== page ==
Reflecting on the purpose of the exercise and his decision to participate, Wickwire stated, “I was pleased to assist in this process because I have excellent medical care from my physicians and medical staff in the Yale New Haven Health Care System. I wanted to share my information so that others of my age group might beneﬁt in the future with increased quality age-related health services.”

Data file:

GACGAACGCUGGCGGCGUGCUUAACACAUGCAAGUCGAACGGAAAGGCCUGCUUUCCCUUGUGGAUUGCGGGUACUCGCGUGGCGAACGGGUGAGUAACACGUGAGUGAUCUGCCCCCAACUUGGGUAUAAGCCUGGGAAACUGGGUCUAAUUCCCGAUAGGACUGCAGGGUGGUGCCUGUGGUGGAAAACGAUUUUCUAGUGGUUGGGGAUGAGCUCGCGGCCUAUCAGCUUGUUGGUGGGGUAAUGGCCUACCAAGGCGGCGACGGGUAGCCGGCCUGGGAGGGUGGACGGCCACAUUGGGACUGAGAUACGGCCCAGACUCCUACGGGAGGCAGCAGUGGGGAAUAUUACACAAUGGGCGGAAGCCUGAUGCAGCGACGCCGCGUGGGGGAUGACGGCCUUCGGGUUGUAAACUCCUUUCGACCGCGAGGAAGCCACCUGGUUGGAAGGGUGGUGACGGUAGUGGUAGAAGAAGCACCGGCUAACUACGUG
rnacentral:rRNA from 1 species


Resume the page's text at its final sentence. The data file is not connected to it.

Wilkens echoes the importance of this training. “As the older adult population continues to grow, it is imperative that all future health care professionals are prepared to care for them. The 4Ms session offered students a chance to practice key interviewing skills, while also increasing their comfort with virtual care and challenging preconceived notions about older adults.” Additionally, she notes, “during a time when many older adults are experiencing social isolation, the opportunity to connect with a student was particularly meaningful. Our volunteers were overwhelmingly impressed with our students, with many offering to volunteer again in the future.”